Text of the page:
Davide Stecchi: ESG should play a role through every aspect of the life of an investment, from origination to underwriting, asset management and monetisation. ESG risks can not only negatively affect the performance of an investment, they can also damage the fund in many ways, including reputationally, and indirectly the investors that entrusted their money to it.

With this in mind, we think about what ESG means and work to identify the risks, which can arise at any point on the investment journey. We are trying to develop an ESG culture, because the right culture is the first and best line of defence.

When it comes to a specific investment opportunity, the first thing we do is ask whether an investment is right for us. There is a screening process with some simple exclusions, but the origination team starts by identifying, highlighting and discussing ESG risks so that they can be analysed before too much time and resource is committed.

Then due diligence, as a core part of the underwriting process, will collect, analyse and assess ESG considerations in more depth, often involving third party advisers. We recognise that ESG risk cannot be eliminated completely, but it can be avoided, mitigated and priced. This is done in different ways, from excluding the asset to employing contractual protections, from resolving the problem if owned to addressing it through pricing.

Any issues are escalated to senior management for a deep dive and are ultimately discussed and approved by the investment committee.

How does ESG manifest itself through ongoing stewardship and portfolio management?

MO: We consider our plans in respect of stewardship and ongoing portfolio management before we purchase an asset. They are baked into our business plan for an asset and continue to be key right up until ultimate realisation of that asset.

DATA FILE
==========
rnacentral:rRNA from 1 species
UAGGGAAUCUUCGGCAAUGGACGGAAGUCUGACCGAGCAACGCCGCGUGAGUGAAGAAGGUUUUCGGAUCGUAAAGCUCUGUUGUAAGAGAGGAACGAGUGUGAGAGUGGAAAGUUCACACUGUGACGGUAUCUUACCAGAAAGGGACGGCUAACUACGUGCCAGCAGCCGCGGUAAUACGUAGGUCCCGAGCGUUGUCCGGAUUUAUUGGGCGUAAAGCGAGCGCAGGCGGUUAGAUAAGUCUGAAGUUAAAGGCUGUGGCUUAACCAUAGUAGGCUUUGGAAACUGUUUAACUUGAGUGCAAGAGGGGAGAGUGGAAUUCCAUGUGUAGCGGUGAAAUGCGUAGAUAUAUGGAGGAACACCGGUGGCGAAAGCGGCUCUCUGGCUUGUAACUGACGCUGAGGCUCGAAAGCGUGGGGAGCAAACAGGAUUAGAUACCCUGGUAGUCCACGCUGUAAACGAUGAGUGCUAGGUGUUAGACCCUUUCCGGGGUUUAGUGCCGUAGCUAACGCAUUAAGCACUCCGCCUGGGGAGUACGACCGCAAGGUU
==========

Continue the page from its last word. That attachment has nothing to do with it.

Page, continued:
We consider ESG in relation to stewardship at two levels. First is oversight and governance at the level of our local servicing platforms, and across external service providers, to ensure responsible realisation of our assets. And second is in relation to the specific asset acquired, particularly in the case of assets with some level of transformation or growth strategy. Their granular knowledge of the local environment allows us to react quickly.

An example of both of these can be seen in an investment we call Project Core, involving an acquisition of retail shopping centres. As part of our servicing platform ESG considerations, 2020 and 2021 saw many of our retail tenants suffer significant trading distress during covid, with many having to close for periods of time. In early 2021, we agreed a 50:50 payment forbearance and payment delay strategy with vulnerable tenants to allow them to stabilise businesses during periods of closure.

This strategy led to almost €500,000 of credit invoices to our tenants across our rent roll and ensured survival of our tenants’ businesses. In the end, it resulted in an overall payment of our tenants above our original purchase underwrite forecast and with tenant replacement costs below our forecast. So, we achieved a social benefit whilst also delivering superior risk-adjusted returns to our investors.

Furthermore, as part of asset development ESG considerations, we are currently considering investing additional funds into a partial redevelopment of a shopping centre and some of the ESG items that have been considered include the addition of rooftop gardens to the building, improvements to the energy efficiency of the building, and integration into the town’s municipal plan around redevelopment of the downtown area. We hope this will achieve environmental and social benefits while also improving the overall value of the investment.